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TV, Comic Books
Ultimo Vol. 1
by Stan Lee, Hiroyuki Takei, Daigo and Bob
Viz, 216 pages, $9.99
Why is it that — especially in most shonen manga — whenever there’s some big story about the ultimate good going up against the ultimate evil, the good side of the equation is always represented in the blandest, dullest terms possible? Are basic human decency and kindness really that boring as attributes? Or is it that most artists and writers are stymied when forced to portray these qualities in any sort of dramatic or otherwise interesting terms and end up resorting to cardboard cut-outs?
Sorry, I got sidetracked there for a moment. Where was I? Oh yes, Ultimo Vol. 1, the first entry in the much ballyhooed collaboration between renowned Marvel impresario Stan Lee and Shamen King manga-ka Hiroyuki Takei. When the announcement of their pairing was first made, I hoped that, if nothing else, the end result would offer some interesting friction between the eastern and western methods of sequential art making.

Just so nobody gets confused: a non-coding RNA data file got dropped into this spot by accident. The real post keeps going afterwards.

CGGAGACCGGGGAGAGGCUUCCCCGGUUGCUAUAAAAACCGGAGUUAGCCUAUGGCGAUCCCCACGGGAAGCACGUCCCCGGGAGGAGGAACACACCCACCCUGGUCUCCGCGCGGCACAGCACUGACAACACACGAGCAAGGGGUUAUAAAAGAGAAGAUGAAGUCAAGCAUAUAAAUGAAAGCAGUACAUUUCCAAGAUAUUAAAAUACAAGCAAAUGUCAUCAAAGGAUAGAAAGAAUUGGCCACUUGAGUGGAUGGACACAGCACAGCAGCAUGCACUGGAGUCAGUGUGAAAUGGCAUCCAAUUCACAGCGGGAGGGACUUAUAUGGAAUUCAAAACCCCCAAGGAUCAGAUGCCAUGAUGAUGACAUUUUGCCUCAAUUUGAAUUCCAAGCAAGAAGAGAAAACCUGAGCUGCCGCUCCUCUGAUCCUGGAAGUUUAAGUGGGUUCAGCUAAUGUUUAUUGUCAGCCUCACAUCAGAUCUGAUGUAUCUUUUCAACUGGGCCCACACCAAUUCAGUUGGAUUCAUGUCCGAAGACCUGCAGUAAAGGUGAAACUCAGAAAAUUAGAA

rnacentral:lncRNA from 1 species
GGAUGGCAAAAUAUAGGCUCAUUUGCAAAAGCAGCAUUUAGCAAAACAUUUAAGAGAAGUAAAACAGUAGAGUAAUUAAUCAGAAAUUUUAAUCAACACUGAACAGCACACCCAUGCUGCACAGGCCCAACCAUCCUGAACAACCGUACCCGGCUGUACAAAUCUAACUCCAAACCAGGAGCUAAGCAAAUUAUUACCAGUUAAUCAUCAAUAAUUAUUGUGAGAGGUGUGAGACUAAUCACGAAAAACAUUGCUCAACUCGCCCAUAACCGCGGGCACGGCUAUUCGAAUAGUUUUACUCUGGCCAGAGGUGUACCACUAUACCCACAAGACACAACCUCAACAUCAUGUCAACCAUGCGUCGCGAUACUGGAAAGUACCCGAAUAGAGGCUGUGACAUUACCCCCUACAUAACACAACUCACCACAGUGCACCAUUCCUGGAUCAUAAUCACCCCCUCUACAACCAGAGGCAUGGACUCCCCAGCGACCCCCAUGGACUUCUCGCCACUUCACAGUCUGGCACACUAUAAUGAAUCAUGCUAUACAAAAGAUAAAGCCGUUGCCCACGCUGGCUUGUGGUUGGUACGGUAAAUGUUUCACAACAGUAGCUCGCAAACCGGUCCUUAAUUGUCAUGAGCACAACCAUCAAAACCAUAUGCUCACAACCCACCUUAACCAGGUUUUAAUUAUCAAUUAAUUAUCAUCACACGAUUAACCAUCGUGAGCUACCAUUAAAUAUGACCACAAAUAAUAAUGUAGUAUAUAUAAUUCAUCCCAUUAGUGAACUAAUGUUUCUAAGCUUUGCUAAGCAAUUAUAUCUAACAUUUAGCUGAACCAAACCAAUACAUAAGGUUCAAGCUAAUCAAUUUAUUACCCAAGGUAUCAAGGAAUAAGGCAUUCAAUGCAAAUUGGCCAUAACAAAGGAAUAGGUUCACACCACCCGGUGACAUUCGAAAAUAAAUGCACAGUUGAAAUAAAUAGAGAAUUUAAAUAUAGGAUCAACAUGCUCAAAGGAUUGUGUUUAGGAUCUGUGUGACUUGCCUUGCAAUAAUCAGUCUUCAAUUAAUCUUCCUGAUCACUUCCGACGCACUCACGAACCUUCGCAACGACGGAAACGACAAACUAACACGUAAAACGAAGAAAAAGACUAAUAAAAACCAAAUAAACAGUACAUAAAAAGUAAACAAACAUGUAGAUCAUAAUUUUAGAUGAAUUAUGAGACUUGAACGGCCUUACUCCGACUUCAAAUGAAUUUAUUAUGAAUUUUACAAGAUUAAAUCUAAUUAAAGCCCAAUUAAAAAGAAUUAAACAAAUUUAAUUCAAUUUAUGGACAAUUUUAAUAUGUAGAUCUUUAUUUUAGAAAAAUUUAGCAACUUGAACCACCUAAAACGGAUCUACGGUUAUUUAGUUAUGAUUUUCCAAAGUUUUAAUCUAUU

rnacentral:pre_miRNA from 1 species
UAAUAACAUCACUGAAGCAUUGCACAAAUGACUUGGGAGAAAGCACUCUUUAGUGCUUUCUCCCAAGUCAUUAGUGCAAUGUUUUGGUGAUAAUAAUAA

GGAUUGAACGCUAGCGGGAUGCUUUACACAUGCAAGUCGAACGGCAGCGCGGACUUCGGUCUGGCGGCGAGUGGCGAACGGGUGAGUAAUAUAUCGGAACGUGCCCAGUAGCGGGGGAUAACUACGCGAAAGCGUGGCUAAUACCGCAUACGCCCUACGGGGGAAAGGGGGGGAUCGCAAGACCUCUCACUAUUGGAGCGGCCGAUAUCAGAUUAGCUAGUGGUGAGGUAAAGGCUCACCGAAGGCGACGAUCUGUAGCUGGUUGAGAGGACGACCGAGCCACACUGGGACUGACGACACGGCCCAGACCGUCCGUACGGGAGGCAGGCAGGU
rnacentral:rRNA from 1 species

Alas, it was not meant to be. Ultimo is certainly competent enough — it’s well drawn, hits all the proper beats and there’s never any confusion about what’s going on or who’s saying what — but there’s nothing that particularity stands out about it either, beyond a queasy sub-dom relationship between the main characters that I’ll touch on in a minute. It’s just your standard time-waster action manga, with nothing more to recommend it than it will fill in the time while you’re sitting in your dentist’s waiting room.
It might make you cringe though. The one aspect of Ultimo that didn’t sit so easily with me is the way the title character — an androgynous robot representing “pure goodness” that’s drawn to look like a underfed sixth grader — is so willingly subservient to his “owner,” a typical clueless shonen hero. The former prostrates himself before the latter to such a degree that there’s a real distasteful, sexual undercurrent going on between them that seriously hampered my ability to enjoy the story, mainly because I know (or rather, I strongly suspect) Lee and Takei won’t really explore or confront this aspect of the story but leave it lying uncomfortably on the surface and pretend it isn’t there. It is, and it’s icky.